When we first sat down, I was discussing meeting him four years ago for an interview for Mother and that I had been waiting ever since for Snowpiercer. I finally saw the film at the Berlin Film Festival and loved it - here's my review. I had so much to ask about making the film and his vision and covered as much as I could.
At the time we actually talked about Snowpiercer. But you were talking about the very first phase of writing the movie and putting it together.
Bong Joon-ho: Four years ago.
Exactly. It's exciting because, personally, I've been waiting for it ever since that day. Part of the reason I was so excited is because I love your work and I was waiting for you to get into sci-fi to see what you could do with sci-fi and how much you could play with that genre.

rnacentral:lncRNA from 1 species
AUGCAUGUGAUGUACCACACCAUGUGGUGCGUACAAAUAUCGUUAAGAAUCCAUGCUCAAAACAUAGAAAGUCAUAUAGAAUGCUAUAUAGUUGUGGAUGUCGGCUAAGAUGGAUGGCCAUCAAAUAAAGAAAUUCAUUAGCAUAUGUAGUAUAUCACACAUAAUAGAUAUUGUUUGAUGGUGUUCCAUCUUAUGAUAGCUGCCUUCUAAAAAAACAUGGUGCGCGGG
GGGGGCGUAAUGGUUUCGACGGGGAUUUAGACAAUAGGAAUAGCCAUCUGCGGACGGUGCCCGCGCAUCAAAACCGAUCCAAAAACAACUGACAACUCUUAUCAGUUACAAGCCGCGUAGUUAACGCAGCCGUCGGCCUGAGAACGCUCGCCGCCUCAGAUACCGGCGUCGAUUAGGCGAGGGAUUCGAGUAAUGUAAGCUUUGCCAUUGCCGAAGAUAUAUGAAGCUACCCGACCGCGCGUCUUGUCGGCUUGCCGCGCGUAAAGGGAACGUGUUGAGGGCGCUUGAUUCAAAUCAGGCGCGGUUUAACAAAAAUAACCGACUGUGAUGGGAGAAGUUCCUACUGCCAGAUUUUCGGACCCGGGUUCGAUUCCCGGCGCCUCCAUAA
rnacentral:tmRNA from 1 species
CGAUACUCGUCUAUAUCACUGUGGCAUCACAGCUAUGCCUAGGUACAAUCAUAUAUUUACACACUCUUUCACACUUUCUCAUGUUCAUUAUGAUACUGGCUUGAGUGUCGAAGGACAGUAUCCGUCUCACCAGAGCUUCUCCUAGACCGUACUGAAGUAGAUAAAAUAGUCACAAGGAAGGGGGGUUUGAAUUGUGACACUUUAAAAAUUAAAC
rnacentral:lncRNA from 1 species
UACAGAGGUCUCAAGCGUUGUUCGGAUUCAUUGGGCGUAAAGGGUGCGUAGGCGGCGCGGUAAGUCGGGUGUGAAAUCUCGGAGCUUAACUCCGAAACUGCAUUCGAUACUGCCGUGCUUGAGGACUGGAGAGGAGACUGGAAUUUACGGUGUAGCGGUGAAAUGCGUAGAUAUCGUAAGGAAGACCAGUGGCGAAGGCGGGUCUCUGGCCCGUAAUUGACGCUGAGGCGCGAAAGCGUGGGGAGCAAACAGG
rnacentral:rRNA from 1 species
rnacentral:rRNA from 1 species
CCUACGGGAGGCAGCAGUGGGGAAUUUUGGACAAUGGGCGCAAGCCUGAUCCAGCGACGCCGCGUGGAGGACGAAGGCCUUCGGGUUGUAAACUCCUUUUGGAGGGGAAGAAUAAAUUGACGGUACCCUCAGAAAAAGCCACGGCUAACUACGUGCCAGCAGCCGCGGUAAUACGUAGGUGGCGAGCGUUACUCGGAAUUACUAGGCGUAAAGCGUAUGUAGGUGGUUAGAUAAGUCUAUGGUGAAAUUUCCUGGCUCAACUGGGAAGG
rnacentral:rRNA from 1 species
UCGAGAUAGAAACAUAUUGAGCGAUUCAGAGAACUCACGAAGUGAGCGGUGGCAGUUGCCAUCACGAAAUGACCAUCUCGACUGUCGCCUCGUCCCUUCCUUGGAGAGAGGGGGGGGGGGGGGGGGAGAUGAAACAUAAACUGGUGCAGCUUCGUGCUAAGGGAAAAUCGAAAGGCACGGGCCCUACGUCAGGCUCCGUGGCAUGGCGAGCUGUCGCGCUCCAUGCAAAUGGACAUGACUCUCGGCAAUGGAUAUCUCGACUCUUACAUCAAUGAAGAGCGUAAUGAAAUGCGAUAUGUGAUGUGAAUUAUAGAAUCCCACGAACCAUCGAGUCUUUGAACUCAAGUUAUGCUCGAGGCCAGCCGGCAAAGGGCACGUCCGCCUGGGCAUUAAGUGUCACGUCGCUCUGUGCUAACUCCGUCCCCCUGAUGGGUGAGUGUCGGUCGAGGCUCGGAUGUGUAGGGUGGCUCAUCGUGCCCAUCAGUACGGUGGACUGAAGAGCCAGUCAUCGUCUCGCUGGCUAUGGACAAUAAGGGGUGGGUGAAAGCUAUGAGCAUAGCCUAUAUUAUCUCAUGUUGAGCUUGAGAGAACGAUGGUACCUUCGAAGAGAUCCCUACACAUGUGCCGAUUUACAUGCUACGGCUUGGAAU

Bong (translated): Thanks for being patient and waiting. He hopes to shoot faster and make more movies in a shorter amount of time. But he's not sure. He's got a kid that's going to college soon, so...
Bong (himself): I have to hurry. [laughs]
I understand. The more films the better! At this point, four years later, what do you think looking back at the film? Is it everything you wanted it to be or did it change a lot?
Bong: Looking back on it now, there were a lot events. A lot of things happened, a lot of ups and downs. But it feels like he was able to protect his vision. People always ask, so he's going to say it before the question, but just with The Weinstein Company - [in the end] they decided to release the Director's Cut [in theaters nationwide] and he's pleased and thankful to them for that.